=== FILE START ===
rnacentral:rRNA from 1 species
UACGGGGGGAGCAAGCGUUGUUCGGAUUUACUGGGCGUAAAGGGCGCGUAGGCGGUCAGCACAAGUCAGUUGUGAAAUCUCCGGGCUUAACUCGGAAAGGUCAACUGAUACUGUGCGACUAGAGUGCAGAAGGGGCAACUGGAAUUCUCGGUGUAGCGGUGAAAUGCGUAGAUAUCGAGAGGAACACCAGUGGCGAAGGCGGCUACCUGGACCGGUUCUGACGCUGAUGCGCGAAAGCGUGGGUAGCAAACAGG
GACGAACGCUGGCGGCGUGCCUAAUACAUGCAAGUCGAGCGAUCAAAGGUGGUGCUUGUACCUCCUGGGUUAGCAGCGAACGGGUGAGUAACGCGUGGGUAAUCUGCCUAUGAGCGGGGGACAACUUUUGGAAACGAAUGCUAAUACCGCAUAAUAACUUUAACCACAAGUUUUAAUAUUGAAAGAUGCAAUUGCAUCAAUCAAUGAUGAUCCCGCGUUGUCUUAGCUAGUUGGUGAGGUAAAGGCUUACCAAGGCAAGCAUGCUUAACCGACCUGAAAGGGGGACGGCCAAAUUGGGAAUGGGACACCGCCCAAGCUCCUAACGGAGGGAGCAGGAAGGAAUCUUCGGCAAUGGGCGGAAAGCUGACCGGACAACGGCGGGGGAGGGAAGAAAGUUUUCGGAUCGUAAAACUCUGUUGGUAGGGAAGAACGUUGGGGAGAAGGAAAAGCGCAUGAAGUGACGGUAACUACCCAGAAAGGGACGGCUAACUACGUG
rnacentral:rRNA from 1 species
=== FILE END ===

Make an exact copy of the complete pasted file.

rnacentral:rRNA from 1 species
UACGGGGGGAGCAAGCGUUGUUCGGAUUUACUGGGCGUAAAGGGCGCGUAGGCGGUCAGCACAAGUCAGUUGUGAAAUCUCCGGGCUUAACUCGGAAAGGUCAACUGAUACUGUGCGACUAGAGUGCAGAAGGGGCAACUGGAAUUCUCGGUGUAGCGGUGAAAUGCGUAGAUAUCGAGAGGAACACCAGUGGCGAAGGCGGCUACCUGGACCGGUUCUGACGCUGAUGCGCGAAAGCGUGGGUAGCAAACAGG
GACGAACGCUGGCGGCGUGCCUAAUACAUGCAAGUCGAGCGAUCAAAGGUGGUGCUUGUACCUCCUGGGUUAGCAGCGAACGGGUGAGUAACGCGUGGGUAAUCUGCCUAUGAGCGGGGGACAACUUUUGGAAACGAAUGCUAAUACCGCAUAAUAACUUUAACCACAAGUUUUAAUAUUGAAAGAUGCAAUUGCAUCAAUCAAUGAUGAUCCCGCGUUGUCUUAGCUAGUUGGUGAGGUAAAGGCUUACCAAGGCAAGCAUGCUUAACCGACCUGAAAGGGGGACGGCCAAAUUGGGAAUGGGACACCGCCCAAGCUCCUAACGGAGGGAGCAGGAAGGAAUCUUCGGCAAUGGGCGGAAAGCUGACCGGACAACGGCGGGGGAGGGAAGAAAGUUUUCGGAUCGUAAAACUCUGUUGGUAGGGAAGAACGUUGGGGAGAAGGAAAAGCGCAUGAAGUGACGGUAACUACCCAGAAAGGGACGGCUAACUACGUG
rnacentral:rRNA from 1 species